• Misunderstanding. From the mentor's answer, you think he misunderstood you, and you feel the need to elaborate on what you meant. Hint: What do you not want to hear?

  • Boring. The meeting feels boring; nothing new comes up. Hint: What pressing topic do you want to avoid going into? What if it's in a seemingly unrelated area? E.g., if you were discussing business, how are things at home?

  • Quitting. This mentoring thing does not work; I'm quitting. Hint: What have you recently remembered from your past that you don't feel good about? It might be past hurts or wrongdoings done to you or by you.

3. Be open with the mentor

Working with the mentor is not the same as going to the hairdresser and waiting while she does the work. Mentoring session is co-created by two people with you in the leading role.

For leaders, it is common to keep many things to ourselves - doubts, insecurities, anger, also childlike joy, and amazement. Yet, here is a safe space where you can bring all of yourself.

In the session, you will work with what you will bring up. The more you can open up, the more you can gain. A closed private room without other people or digital interruptions will support you.

4. Claim the learnings

Invest 10-15 times after the session to recap and claim your learnings. We usually suggest to journal about these questions:

  • What is the new perspective I gained from the meeting? What did I learn about myself and my situation?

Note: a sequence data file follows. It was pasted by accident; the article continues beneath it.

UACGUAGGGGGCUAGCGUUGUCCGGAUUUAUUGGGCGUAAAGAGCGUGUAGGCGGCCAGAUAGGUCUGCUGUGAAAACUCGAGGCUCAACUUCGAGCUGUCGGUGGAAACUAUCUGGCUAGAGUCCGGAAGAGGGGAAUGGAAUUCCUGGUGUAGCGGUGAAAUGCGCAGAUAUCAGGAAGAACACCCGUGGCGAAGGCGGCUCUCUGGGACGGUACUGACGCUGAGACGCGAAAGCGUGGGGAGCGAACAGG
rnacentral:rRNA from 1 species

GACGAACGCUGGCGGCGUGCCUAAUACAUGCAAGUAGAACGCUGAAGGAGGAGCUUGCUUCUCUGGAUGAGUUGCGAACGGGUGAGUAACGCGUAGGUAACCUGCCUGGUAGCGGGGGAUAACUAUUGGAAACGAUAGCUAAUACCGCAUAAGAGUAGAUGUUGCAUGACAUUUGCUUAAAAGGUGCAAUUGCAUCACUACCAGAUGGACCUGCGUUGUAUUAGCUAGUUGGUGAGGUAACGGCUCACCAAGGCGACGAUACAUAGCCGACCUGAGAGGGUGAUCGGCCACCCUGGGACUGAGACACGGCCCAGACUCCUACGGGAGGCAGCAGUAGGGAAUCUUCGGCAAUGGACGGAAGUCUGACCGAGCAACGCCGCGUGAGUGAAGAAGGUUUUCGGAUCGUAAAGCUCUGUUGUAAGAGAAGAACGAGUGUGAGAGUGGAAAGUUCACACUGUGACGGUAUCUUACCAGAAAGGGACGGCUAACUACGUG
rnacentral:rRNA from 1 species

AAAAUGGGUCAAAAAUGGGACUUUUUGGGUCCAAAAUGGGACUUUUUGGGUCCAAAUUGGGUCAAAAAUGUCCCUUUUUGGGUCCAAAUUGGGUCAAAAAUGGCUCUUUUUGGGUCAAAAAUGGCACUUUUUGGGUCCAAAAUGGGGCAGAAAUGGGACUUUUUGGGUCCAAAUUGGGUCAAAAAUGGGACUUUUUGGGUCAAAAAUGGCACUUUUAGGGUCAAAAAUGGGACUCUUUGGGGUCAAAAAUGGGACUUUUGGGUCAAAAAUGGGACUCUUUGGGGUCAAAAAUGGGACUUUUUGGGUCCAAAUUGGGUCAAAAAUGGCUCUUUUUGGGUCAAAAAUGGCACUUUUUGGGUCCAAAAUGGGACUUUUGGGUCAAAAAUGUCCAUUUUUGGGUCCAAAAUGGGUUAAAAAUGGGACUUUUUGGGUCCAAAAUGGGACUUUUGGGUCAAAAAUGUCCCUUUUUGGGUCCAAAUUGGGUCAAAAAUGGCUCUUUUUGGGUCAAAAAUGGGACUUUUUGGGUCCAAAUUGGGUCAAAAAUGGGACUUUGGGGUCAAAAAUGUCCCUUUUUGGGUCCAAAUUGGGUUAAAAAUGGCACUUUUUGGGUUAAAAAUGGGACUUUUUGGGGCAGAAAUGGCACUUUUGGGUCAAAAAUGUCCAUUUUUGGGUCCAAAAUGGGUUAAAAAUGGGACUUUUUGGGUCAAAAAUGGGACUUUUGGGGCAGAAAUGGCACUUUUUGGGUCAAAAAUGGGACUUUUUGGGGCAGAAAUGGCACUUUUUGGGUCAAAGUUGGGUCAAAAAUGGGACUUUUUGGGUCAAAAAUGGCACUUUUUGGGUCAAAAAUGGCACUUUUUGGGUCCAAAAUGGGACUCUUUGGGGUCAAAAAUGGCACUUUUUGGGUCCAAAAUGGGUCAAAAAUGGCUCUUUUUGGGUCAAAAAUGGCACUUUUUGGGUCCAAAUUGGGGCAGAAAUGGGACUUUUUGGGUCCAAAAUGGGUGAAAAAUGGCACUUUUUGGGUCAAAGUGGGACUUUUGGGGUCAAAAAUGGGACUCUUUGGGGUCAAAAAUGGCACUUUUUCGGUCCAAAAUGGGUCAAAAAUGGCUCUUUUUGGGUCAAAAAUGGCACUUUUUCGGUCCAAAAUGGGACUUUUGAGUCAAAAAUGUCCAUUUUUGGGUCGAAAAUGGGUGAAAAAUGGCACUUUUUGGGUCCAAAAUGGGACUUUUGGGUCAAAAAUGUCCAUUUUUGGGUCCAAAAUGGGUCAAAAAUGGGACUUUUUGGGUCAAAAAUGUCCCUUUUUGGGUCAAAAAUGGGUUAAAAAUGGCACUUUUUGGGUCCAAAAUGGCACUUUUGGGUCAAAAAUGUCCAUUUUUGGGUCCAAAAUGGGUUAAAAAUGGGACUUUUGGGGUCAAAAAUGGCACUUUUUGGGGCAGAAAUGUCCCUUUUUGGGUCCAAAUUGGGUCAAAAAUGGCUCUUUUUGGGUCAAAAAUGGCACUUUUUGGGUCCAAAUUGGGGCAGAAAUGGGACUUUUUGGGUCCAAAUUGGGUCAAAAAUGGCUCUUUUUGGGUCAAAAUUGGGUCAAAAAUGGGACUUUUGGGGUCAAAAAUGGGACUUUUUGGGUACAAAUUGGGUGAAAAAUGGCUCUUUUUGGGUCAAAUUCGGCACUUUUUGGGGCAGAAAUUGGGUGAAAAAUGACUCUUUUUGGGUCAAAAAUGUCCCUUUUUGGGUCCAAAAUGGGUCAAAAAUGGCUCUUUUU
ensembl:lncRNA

• Reflect on how I co-created today's experience for and by myself and how it reflects my life outside this mentoring.

  • What specific actions do I commit to take till the next meeting?

5. Apply the learnings, do the work and take responsibility

You don't commit actions for the mentor but for yourself.

You don't discuss topics to impress or get the mentor's agreement, but for yourself.

You don't have to follow the mentor's inputs directly; it's not school - you decide what's good for you and how to use it.

Understanding something and achieving something are not the same. It's like with fitness - a gym membership and a great trainer will give you nothing if you don't lift the weights.

6. Manage your expectations

As a final guideline, a few words about expectations:

  • Some things take time. You don't expect to lose weight rapidly in a sustainable manner. You should not expect to transform shortcomings or resolve challenges rapidly in a sustainable manner.

  • There's no singing with unicorns on a rainbow. Life is complex. Once you resolve one challenge, the next appears — one set of challenges for a 50 people team, another for 500.

  • Self-discovery is like peeling an onion - once you are through one level, you see the next.

  • Yet, if you do impeccable work, expect your well-being and personal power to grow!

We are on your side. We support you to realise your potential and become a leader who makes better decisions and leads your team to win.


Ansis Farhad Lipenitis is the CEO of .Cocoon.